Hayaku

osgood

SGF, Supreme Grumble Framer
Resource Provider
Joined
Jun 6, 1999
Posts
3,713
From
No fixed address, Australia.
Business
Full time grey nomad traveling Oz!
I just got some Hayaku hinging tape to try out.
Just wondering about the adhesive on it. Is it gum?

Does anyone, especially Hugh and/or Rebecca have some opinions to share on this tape, please?
 

osgood

SGF, Supreme Grumble Framer
Resource Provider
Thread starter
Joined
Jun 6, 1999
Posts
3,713
From
No fixed address, Australia.
Business
Full time grey nomad traveling Oz!
No not a poem Eric. If I was a poet, I would indeed post my poetry on warped.
Just would like some helpful and professional opinions and advice on this product.
 

BILL WARD

SGF, Supreme Grumble Framer
Joined
Mar 25, 2004
Posts
2,451
From
Tampa, FL
i've used it for 2-3 years now.....only thingI'd recommend---get it wet enough& let it sit for 10-15 secs while all the adhesive is activatedand make some small glass weights to put on top of the join while it grabs (neither one is "necessary' but I think that makes for stronger bonds & THAT'S the idea). Maynot be the best answer to the situation but it is certainly one of the most convenient, yes?
 

Cliff Wilson

SGF, Supreme Grumble Framer
Vendor
Joined
May 14, 2002
Posts
4,665
From
Worcester, MA
What I've been told by ... the conservator I use locally, Jim Miller in his class, the conservator at the Worcester Art Museum ... not sure who told me what though and we're relying on my memory.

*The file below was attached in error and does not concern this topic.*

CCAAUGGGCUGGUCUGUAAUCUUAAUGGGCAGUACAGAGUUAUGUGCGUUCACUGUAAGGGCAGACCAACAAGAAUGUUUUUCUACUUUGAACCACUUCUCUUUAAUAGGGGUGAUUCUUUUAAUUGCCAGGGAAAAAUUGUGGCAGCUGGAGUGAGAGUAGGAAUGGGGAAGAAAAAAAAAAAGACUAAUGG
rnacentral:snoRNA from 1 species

Hayaku uses a synthetic adhesive. Vynal I think I was told? It has been known to trun brownish in color although no one I talked to actually saw that. It appears to be water reversable and seems to be removable from the paper.

Recommendations I have recieved are to NOT use it for anything you would normally use starch on. But, it's a nice substitute for any pressure sensitive tape.

Personnaly, I think the advent of the Nori packets significantly reduces the utility of the Hayaku tape.

Ohh, for those uninformed, Hayaku is actually a roll of 1" japanese paper with a water activated adhesive on one side.
 

Jim Miller

SPFG, Supreme Picture Framing God
Forum Donor
Joined
May 19, 2000
Posts
19,067
From
Suburban Central Ohio
Yes, Cliff. According to two conservators I consulted in developing the class on framing adhesives, the adhesive in Hayaku hinging tape is soluble nylon, which becomes irreversible with water over time.

Hayaku is much better than most hinging alternatives, such as pressure-sensitive adhesive tapes, but it is not suitable for projects requiring the best preservation.

For preservation hinging, there's nothing as good as pure starch paste without additives. That is available two ways:

1. cook it fresh, as needed, or
2. open a packet of Nori Paste.
 

osgood

SGF, Supreme Grumble Framer
Resource Provider
Thread starter
Joined
Jun 6, 1999
Posts
3,713
From
No fixed address, Australia.
Business
Full time grey nomad traveling Oz!
Thanks for the comments.
I suspected that was the case.

For pres hinging I've been using a pre cooked (powder) adhesive that just needs water added to it.

I have used Nori as well and is very convenient. Seems to be a bit more expensive than it should be. Probably due to import duties and excessive freight charges.
 

Jim Miller

SPFG, Supreme Picture Framing God
Forum Donor
Joined
May 19, 2000
Posts
19,067
From
Suburban Central Ohio
Originally posted by osgood:
...I have used Nori as well and is very convenient. Seems to be a bit more expensive than it should be. Probably due to import duties and excessive freight charges.